Last night, President Barack Obama addressed the American public on his decision to authorize two missions: one focused on providing humanitarian aid to tens of thousands of stranded Iraqi civilians from religious minorities fleeing from militants, and the other, to initiate US air strikes should militants advance against the Kurdish city of Irbil, where US military and diplomatic personnel are stationed. Thus, President Obama constructed his military action within the framework of a counteraction. In other words, airstrikes that commenced earlier today were a response to artillery fire launched by militants against Kurdish forces protecting Irbil.
The decision to take military action began with concerning developments earlier this week, as the crisis in Iraq metastasized and moved closer to Iraqi Kurdistan. Militants of the Islamic State in Iraq and al-Sham (ISIS, or the Islamic State, IS)—an al-Qaeda splinter group that recently declared the establishment of a caliphate stretching across Iraq and Syria—overwhelmed Kurdish forces safeguarding areas in Nineveh province. The clashes led to the mass exodus of hundreds of thousands religious minorities, clearing the way for ISIS’s threatening advance towards Irbil. While the White House’s humanitarian response was most certainly appropriate given the dire circumstances of those Iraqis trapped on Mount Sinjar, the United States has committed itself towards direct armed intervention—which has the prospect of influencing the security and political dynamics on the ground going forward.
Within Iraq, ISIS is unable to make major territorial gains outside the Sunni areas of central and northern regions of the country. The sectarian fault lines will more or less hold, promoting the fragmentation of Iraq along those borders. Without further outward expansion, the dynamics underlying the insurgency will likely turn inward.
ISIS’s move to consolidate power within Sunni territories and deepen its governing roots may lead to fissures within the wider Sunni insurgency. The negotiating power of Sunni political, tribal, and reconcilable insurgent leaders at the table in Baghdad is only relevant if ISIS is their curable disease, not an untreatable cancer. US military involvement could intensify power competition within the Sunni insurgency by incentivizing other insurgent factions to contest areas held by ISIS.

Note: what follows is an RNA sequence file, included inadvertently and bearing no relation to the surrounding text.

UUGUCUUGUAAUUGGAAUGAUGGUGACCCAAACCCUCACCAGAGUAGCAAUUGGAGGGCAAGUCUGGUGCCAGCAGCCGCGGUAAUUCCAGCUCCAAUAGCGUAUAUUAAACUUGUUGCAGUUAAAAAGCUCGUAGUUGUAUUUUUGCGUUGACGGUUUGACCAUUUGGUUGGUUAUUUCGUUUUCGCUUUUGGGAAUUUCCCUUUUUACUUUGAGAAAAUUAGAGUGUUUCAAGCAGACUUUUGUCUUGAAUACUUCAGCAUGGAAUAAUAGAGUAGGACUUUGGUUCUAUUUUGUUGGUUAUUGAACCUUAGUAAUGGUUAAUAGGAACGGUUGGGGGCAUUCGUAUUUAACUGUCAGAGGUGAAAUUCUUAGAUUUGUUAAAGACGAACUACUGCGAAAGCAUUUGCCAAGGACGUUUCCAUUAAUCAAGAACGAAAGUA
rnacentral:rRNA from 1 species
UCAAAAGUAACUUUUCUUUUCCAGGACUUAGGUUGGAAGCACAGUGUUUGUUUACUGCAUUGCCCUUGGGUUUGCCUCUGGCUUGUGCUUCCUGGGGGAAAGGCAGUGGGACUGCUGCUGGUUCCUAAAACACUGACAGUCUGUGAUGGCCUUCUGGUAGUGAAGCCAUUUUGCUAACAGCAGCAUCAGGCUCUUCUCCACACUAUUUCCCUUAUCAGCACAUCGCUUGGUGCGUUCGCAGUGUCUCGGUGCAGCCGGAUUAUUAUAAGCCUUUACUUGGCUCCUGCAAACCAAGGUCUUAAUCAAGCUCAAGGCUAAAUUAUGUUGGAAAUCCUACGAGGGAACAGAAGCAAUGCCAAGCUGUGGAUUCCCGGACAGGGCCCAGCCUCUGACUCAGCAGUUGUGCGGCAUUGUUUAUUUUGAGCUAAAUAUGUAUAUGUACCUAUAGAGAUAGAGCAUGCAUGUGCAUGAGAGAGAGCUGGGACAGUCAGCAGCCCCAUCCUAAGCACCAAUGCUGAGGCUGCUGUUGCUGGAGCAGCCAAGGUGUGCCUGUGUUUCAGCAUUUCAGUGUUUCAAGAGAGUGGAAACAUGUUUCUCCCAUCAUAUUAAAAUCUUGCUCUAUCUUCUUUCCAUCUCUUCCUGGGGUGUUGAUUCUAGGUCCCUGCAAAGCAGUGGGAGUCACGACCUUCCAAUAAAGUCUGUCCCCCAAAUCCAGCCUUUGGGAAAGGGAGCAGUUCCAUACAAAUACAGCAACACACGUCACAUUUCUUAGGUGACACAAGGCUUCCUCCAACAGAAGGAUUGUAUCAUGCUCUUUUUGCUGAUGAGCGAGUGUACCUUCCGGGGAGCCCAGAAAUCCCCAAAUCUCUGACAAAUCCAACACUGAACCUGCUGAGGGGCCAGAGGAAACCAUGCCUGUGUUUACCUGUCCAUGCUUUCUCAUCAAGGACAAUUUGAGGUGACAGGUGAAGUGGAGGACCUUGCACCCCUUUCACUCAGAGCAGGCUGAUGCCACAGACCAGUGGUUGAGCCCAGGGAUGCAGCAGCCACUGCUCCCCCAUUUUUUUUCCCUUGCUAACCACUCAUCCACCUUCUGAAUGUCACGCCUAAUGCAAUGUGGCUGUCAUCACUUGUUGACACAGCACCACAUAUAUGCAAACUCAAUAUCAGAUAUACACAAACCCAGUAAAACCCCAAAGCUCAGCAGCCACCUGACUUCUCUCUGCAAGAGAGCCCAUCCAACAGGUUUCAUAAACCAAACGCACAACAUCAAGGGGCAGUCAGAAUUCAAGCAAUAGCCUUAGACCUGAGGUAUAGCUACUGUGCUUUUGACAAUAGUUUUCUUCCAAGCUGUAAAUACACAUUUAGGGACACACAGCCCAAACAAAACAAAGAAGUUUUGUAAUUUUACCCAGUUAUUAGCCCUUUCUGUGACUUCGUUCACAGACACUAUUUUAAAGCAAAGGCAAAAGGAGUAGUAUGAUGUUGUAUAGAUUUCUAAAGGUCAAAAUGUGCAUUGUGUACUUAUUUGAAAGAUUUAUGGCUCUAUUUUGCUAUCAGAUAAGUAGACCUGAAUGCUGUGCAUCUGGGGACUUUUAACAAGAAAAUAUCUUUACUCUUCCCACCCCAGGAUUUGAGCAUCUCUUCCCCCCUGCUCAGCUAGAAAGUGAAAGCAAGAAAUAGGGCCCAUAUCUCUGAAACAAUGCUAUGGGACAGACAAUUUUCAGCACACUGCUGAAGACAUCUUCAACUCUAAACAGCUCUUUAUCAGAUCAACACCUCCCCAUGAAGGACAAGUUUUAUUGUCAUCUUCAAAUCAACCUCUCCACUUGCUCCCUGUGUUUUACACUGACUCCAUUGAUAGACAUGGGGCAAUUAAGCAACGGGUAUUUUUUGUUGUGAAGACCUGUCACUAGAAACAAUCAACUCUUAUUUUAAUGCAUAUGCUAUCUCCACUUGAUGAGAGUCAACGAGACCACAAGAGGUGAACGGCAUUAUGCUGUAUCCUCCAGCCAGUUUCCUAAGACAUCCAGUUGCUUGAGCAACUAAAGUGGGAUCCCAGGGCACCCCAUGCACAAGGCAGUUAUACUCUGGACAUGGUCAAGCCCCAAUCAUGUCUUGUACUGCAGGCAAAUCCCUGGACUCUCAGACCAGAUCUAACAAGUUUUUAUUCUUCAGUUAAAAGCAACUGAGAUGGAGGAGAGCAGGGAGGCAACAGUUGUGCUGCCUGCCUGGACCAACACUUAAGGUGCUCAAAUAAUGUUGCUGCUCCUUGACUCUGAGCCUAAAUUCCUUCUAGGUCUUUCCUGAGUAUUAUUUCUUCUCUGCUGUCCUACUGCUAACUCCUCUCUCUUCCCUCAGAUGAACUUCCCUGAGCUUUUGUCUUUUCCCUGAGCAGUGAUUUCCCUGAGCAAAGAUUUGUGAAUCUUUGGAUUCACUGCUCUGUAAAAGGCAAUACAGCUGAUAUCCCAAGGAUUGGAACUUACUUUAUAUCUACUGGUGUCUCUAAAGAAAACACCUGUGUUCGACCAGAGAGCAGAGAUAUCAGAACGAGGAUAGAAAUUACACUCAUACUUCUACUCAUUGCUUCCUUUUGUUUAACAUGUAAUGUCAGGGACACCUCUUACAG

However, from another perspective, ISIS could potentially benefit from a limited US military response—one which would fail to threaten the group’s survival in any meaningful way, while serving as a massive propaganda tool in consolidating more of the global jihadi movement. It could also up the risk of ISIS plans to start targeting US personnel based in the region.
Aside from the security dynamics, another piece of the puzzle lies on the political front, where Washington’s armed intervention could affect the gamesmanship in Baghdad in forming a new government. While Prime Minister Nouri al-Maliki has long called for US military action against Sunni insurgents (for reasons that are beyond security), such intervention has the possibility of adding to his staying power and undercutting the prospect of a power-sharing agreement suitable to the Sunni parties.
ISIS continues to receive local support within the Sunni community and remains connected to the wider Sunni Arab insurgency. Should airstrikes continue on ISIS, some Sunnis might perceive such actions as undercutting the political goals of the overall insurgency. Many Sunnis had hoped to reach a new power-sharing agreement (which includes a new government, formed without Maliki, willing to meet a set of political demands) before ISIS were degraded. Today, it is uncertain how the US role will develop going forward, and how that will influence the dynamics in getting to a viable political solution.
President Obama appears willing to exert hard power to maintain stability in Iraq, but remains fully aware and cautious of mission creep, rightfully emphasizing the limitations of US intervention. Despite this awareness, initiating airstrikes commits the United States to the conflict that could threaten to draw it into a deeper involvement over time.
The ultimate objective of US military action remains unclear and open-ended, resting on the maintenance of security in areas where US personnel are based. By defending Irbil in the interest of protecting Americans, it follows that the same rationale would apply to defending Baghdad, and by extension, the Maliki regime and forces loyal to it. As long as Maliki remains in power and Sunni insurgents remain a threat towards Baghdad, the United States runs risk of the Sunni community attaching the United States’ defensive military posture to efforts toward preserving the Shia regime.
President Obama’s decision to help save tens of thousands of stranded Iraqis from religious persecution at the hands of the ISIS was the right call, and more needs to be done on the humanitarian effort. While one could question the necessity of US military action, the White House must now recognize that such actions could lead to unexpected, second-order consequences. There is a distinction between taking measures to protect US personnel in war zones (such as total evacuation), and becoming an armed participant in an ongoing civil war. For better or worse, Washington has committed the latter.
Ramzy Mardini is a nonresident fellow at the Atlantic Council’s Rafik Hariri Center for the Middle East.